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News > Commentary - Creating a will isn’t comfortable, but it’s always necessary
Creating a will isn’t comfortable, but it’s always necessary

Posted 6/6/2012   Updated 6/6/2012 Email story   Print story

    


Commentary by Air Force Capt. Quiana McCarthy
673d ABW Judge Advocate


6/6/2012 - JOINT BASE ELMENDORF-RICHARDSON, Alaska -- Planning for your death is not a comfortable process. To be sure, we don't generally enjoy discussing such a somber topic.

It is wise to be prepared, however, and legal readiness includes estate planning and ensuring your affairs are properly arranged. Every military member bears this burden in order to be ready to deploy. But how does one satisfy this duty?

Estate planning can be confusing and present difficult questions. Where does one even begin? An important first step is preparing a will (with the assistance of an attorney).
Active duty service members can avail themselves of free legal assistance from the base legal office. If you have a fairly simple estate, the base attorneys can create your will and can also create simple trusts for your minor children.

With respect to the latter, an important initial step is to have a conversation with your family to discuss guardians and trusts for minor children, personal representatives, funeral arrangements, and other issues pertinent to your final wishes.

Many clients come to the legal office with questions regarding what is included in a will and what considerations should be made when drafting such a document.

The advice provided here is merely a basic overview and is not meant to replace seeking legal counsel.

This advice should simply introduce you to the subject and assist in focusing on your individual estate.

With a better understanding of estate planning, you can ensure the maximum benefit from your legal assistance appointment.

What is an "estate?"
Your estate includes everything you own, no matter whether you own it entirely or have only a partial interest in it. For example, your estate can include cars, military memorabilia, insurance policies, timeshares, etc.

What is estate planning? Estate planning involves deciding how to dispose of your real and personal property upon your death.

To whom, for instance, do you want to give your autographed baseball or your wedding ring? Estate planning also involves making provisions for your minor children, including appointing a guardian and a trustee.

These individuals care for your children and manage their property until they reach adulthood. Of course, it is wise to check with every proposed guardian and trustee ahead of time to ensure they will accept the job.

Do I need a will?
You should execute a will if you have minor children, own real estate, have an estate exceeding $500,000, or have pieces of personal property you want to go to specific individuals. This list is not exhaustive, and it often helps to speak with an attorney when deciding whether to make a will.

Does a will cover all my property?
No. Your life insurance and certain retirement accounts, for example, are called "non-probate assets," which means they do not pass as part of your will (although they may count toward the total value of your estate for tax purposes). When you set up a life insurance policy or retirement account, you probably designated beneficiaries for it. Life insurance proceeds and retirement accounts pass according to those designations.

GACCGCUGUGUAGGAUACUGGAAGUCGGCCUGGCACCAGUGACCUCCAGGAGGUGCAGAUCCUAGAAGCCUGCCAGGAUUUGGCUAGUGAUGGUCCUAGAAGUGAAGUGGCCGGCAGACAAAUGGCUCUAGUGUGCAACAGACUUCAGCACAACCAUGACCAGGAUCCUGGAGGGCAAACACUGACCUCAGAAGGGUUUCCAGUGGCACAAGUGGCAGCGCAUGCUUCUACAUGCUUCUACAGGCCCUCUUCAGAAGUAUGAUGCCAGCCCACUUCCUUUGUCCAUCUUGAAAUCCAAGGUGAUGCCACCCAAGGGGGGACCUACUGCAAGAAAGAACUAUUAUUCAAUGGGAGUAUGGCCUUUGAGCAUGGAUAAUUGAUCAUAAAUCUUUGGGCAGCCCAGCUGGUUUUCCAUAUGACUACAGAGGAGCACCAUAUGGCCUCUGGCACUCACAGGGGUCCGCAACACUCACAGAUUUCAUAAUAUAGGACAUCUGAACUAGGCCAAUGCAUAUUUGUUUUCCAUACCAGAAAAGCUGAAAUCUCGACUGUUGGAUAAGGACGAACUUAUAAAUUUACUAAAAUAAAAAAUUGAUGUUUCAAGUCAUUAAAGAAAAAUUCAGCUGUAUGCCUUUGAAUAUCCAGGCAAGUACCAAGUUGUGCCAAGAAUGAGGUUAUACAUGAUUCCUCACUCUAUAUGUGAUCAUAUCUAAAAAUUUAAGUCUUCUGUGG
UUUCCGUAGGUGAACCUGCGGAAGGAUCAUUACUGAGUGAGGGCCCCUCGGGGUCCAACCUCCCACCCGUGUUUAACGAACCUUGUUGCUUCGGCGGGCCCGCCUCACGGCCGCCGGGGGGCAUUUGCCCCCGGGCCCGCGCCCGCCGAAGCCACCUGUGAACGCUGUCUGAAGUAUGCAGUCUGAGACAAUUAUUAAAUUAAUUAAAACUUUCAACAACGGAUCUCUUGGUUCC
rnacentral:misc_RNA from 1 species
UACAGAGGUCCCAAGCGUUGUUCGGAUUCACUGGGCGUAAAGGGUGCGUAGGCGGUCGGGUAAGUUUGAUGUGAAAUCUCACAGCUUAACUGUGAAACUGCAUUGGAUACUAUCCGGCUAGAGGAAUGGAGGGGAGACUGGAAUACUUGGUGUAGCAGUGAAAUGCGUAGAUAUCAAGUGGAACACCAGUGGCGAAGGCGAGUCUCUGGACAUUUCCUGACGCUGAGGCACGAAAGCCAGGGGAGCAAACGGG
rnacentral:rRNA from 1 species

In your will, you will designate beneficiaries (the individuals or organizations who will inherit your assets according to your will), personal representatives/executors, guardians and trustees.

What is a personal representative or executor?
A personal representative or executor is the individual who will manage and settle your estate pursuant to your will. You can also appoint a secondary personal representative or executor, to take over in the event the primary fails to act for any reason.

What should I consider when appointing a guardian? A guardian is the individual who will handle the parenting of your children.

Unless you appoint a separate trustee, the guardian will also manage your children's property until they reach adulthood. Therefore, you should consider the maturity level and financial stability of every potential guardian. You should also consider their personal and religious values, as well as their physical health.

When should I change my will?
 
You should change your will if:
you get married or divorced;
the individual you name as guardian, trustee, or personal representative dies;
there is a birth or death that affects your estate plan;
you want to change your beneficiaries;
you change your state of legal residence;
your property value increases or decreases significantly;
estate tax law changes

How long is a will valid?
Your will is valid until you revoke it or execute a new one.
Legal readiness includes planning your estate and having a valid will in place.
Active duty service members may be called to deploy at any time and they must ensure that their final affairs are in order.

To discuss estate-planning concerns, make an appointment with the base legal office by calling 552-3046 or 384-0371.



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